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Fenway Fever

Fenway Fever

5.0 4
by John H. Ritter

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Happy 100th Birthday, Fenway Park!

"Stats" Pagano may have been born with a heart defect, but he lives for three things: his family's hot dog stand right outside fabled Fenway Park, his beloved Red Sox, and any baseball statistic imaginable. When the family can no longer make ends meet with the hot dog stand, life becomes worrisome for Stats. Then the


Happy 100th Birthday, Fenway Park!

"Stats" Pagano may have been born with a heart defect, but he lives for three things: his family's hot dog stand right outside fabled Fenway Park, his beloved Red Sox, and any baseball statistic imaginable. When the family can no longer make ends meet with the hot dog stand, life becomes worrisome for Stats. Then the Sox go on a long losing streak and the team's ace pitcher--and Stats's idol--becomes convinced the famed Curse of the Bambino has returned. Stats just has to help . . . but how? As the Sox faithful sour on their team, Stats forms a plan that ultimately unifies an entire city and proves that true loyalty has a magic all its own.

In honor of Fenway Park's 100th birthday, baseball novelist John H. Ritter delivers an inspiring tale for the sports fan in each of us, regardless of team allegiance.

Editorial Reviews

School Library Journal - Audio
Gr 5–8—Born with a heart defect, Alfredo Carl "Stats" Pagano has never been able to play baseball, but has loved helping his father with their Fenway Park hot dog stand and watching the Red Sox games from their family's season ticket holder seats. This year, things aren't going so well for the team. Players keeping getting injured or missing crucial game plays and fans are starting to turn on them. Red Sox pitcher Billy Orbit thinks there's a new curse starting. Something in the park has changed and caused an energy imbalance. Helping his friend to research the problem, Stats discovers that whenever the hawks get chased out of the park, the team has a bad year. Before long, however, Stats and his family start having their own problems. Stats's heart is giving out and he needs an operation. Papa Pagano is deep in debt and needs to find a way to come up with $135,000 as well as the cost of his son's operation just to keep his business going. Can Stats save his family's business and the park? James Colby's has great accents and unique voices for each of the characters eill resonate with the listeners. His transitions between humor, major setbacks, and the characters' love of baseball are beautifully done and occur smoothly without affecting the story. Avid and reluctant readers alike who enjoy baseball or mysteries will enjoy John H. Ritter's heartwarming story (Philomel, 2012).—Kira Moody, Whitmore Public Library, Salt Lake City, UT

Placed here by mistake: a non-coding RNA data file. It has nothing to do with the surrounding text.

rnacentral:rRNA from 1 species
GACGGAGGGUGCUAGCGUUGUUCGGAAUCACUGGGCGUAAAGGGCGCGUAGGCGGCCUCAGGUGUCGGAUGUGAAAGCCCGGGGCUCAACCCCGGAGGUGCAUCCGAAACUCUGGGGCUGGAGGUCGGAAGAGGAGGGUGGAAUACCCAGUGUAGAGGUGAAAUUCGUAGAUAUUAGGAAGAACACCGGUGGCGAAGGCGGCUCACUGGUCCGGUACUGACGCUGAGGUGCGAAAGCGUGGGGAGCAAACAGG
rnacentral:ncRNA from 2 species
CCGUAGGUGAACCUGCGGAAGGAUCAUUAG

School Library Journal
Gr 5–8—It is the 100th anniversary of Fenway Park, home to the Boston Red Sox, and everyone is excited for a great season, except their star pitcher, Billee Orbit. The Red Sox have finally broken the Curse of the Bambino, winning two World Series, but Billee believes there is a new curse. To help him work through it, he turns to his young friend Alfredo 'Stats' Pagano, of Papa Pagano's Red Sox Red Hots hotdog stand, a staple at Fenway since Alfredo's grandfather opened it when he arrived in America. Billee and Stats try to figure out what could have caused the new curse and how to counter it. They look into all possibilities, including the ballpark's history, Chi, ley lines, and pyramids. This discussion of mysticism could be confusing and turn off readers. Stats has other problems. He was born with a weak heart, which keeps him from playing baseball, but it can't stop his love for the game, and he is facing a difficult surgery that could help him or be fatal. On top of that, his father is facing some financial difficulties and may have to sell off the hotdog stand. Reluctant readers may lose interest in the story due to the slow pace and lack of action.—Erik Carlson, White Plains Public Library, NY